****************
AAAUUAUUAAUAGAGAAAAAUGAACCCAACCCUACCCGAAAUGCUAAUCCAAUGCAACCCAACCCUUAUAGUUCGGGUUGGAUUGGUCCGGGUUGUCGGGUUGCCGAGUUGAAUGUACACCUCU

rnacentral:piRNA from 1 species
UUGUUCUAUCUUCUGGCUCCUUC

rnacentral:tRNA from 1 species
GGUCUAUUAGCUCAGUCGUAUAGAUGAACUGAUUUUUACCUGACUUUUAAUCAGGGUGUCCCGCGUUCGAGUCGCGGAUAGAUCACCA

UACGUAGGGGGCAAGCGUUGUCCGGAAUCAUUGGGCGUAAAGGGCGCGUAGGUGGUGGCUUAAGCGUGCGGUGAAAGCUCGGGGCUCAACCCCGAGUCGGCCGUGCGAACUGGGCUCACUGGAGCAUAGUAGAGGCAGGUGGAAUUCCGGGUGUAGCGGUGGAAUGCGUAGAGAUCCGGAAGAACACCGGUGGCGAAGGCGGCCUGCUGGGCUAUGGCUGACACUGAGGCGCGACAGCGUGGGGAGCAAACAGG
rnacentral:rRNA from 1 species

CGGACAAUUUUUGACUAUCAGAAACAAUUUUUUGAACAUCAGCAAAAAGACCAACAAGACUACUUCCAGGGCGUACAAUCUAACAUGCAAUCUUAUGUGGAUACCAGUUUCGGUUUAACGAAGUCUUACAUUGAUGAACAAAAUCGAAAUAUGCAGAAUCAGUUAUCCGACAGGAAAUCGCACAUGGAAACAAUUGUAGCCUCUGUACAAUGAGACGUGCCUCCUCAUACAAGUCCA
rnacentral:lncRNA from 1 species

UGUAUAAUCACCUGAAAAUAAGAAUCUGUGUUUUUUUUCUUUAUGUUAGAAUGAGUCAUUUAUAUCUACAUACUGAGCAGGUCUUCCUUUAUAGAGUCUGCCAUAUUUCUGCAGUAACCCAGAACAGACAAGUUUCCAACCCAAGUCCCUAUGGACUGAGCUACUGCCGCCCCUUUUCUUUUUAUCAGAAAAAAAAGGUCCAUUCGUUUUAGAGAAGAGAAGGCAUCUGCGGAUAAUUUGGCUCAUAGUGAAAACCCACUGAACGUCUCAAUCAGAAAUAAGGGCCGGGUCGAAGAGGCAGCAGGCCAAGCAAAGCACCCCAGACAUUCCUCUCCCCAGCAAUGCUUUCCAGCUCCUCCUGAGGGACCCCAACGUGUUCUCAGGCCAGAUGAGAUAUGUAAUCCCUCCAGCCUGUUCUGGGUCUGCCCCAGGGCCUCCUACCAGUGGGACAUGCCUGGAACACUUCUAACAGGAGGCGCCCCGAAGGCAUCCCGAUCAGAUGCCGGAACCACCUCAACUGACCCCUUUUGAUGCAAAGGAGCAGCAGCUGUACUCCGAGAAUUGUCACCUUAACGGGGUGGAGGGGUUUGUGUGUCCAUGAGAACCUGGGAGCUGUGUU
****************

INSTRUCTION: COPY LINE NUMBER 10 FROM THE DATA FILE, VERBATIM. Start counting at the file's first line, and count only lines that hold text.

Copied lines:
UGUAUAAUCACCUGAAAAUAAGAAUCUGUGUUUUUUUUCUUUAUGUUAGAAUGAGUCAUUUAUAUCUACAUACUGAGCAGGUCUUCCUUUAUAGAGUCUGCCAUAUUUCUGCAGUAACCCAGAACAGACAAGUUUCCAACCCAAGUCCCUAUGGACUGAGCUACUGCCGCCCCUUUUCUUUUUAUCAGAAAAAAAAGGUCCAUUCGUUUUAGAGAAGAGAAGGCAUCUGCGGAUAAUUUGGCUCAUAGUGAAAACCCACUGAACGUCUCAAUCAGAAAUAAGGGCCGGGUCGAAGAGGCAGCAGGCCAAGCAAAGCACCCCAGACAUUCCUCUCCCCAGCAAUGCUUUCCAGCUCCUCCUGAGGGACCCCAACGUGUUCUCAGGCCAGAUGAGAUAUGUAAUCCCUCCAGCCUGUUCUGGGUCUGCCCCAGGGCCUCCUACCAGUGGGACAUGCCUGGAACACUUCUAACAGGAGGCGCCCCGAAGGCAUCCCGAUCAGAUGCCGGAACCACCUCAACUGACCCCUUUUGAUGCAAAGGAGCAGCAGCUGUACUCCGAGAAUUGUCACCUUAACGGGGUGGAGGGGUUUGUGUGUCCAUGAGAACCUGGGAGCUGUGUU